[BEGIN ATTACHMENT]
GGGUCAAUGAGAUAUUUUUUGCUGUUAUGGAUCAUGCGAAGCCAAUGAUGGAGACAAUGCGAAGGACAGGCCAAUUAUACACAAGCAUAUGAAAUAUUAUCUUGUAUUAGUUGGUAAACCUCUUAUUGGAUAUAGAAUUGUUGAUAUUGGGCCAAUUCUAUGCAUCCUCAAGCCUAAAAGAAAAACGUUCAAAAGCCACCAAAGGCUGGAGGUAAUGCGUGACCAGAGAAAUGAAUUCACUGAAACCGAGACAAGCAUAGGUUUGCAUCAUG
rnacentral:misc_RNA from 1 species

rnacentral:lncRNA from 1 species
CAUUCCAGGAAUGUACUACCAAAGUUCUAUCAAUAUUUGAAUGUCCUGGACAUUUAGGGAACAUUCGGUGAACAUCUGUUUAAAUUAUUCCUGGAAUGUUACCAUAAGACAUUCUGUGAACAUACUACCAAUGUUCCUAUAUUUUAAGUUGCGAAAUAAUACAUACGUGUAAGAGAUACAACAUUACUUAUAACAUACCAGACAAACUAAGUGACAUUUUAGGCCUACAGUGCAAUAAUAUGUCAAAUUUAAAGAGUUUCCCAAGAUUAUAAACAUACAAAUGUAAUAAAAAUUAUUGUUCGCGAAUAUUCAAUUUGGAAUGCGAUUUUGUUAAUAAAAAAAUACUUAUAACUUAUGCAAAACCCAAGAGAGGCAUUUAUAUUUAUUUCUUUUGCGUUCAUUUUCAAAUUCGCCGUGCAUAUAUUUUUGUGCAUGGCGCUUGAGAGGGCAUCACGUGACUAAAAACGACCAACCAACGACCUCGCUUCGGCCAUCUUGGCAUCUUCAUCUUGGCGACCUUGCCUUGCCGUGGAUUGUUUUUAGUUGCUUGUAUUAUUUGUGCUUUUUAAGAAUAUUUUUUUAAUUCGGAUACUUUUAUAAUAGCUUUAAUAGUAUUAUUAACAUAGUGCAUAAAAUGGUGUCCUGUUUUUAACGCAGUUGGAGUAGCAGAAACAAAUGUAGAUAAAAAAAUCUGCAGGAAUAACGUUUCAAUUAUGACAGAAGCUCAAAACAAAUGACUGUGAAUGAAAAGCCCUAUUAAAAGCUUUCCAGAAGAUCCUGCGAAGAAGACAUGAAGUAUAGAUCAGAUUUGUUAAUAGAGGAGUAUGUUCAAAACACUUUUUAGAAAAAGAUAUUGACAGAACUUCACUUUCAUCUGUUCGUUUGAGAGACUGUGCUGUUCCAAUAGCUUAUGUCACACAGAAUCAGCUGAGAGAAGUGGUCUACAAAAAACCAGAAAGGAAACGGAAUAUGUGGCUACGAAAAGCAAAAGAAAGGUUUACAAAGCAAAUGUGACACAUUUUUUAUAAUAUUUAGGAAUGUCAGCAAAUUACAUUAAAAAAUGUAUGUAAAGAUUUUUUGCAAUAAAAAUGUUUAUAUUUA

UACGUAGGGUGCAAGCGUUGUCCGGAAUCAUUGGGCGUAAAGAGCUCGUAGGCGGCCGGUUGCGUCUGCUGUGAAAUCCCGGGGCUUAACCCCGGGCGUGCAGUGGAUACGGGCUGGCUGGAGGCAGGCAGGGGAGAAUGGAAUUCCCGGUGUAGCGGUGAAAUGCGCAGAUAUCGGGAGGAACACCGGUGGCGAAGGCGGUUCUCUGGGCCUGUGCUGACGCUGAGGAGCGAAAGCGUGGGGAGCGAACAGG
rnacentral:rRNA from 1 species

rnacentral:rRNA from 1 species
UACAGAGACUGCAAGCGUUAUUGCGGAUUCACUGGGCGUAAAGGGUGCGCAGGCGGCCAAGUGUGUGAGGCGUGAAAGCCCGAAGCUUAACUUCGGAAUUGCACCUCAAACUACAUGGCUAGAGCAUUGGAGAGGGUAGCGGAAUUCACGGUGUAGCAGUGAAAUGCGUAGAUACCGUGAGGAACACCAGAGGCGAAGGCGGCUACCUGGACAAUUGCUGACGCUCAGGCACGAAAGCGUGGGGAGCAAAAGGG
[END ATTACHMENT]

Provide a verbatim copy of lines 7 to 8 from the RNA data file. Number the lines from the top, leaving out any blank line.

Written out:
rnacentral:rRNA from 1 species
UACAGAGACUGCAAGCGUUAUUGCGGAUUCACUGGGCGUAAAGGGUGCGCAGGCGGCCAAGUGUGUGAGGCGUGAAAGCCCGAAGCUUAACUUCGGAAUUGCACCUCAAACUACAUGGCUAGAGCAUUGGAGAGGGUAGCGGAAUUCACGGUGUAGCAGUGAAAUGCGUAGAUACCGUGAGGAACACCAGAGGCGAAGGCGGCUACCUGGACAAUUGCUGACGCUCAGGCACGAAAGCGUGGGGAGCAAAAGGG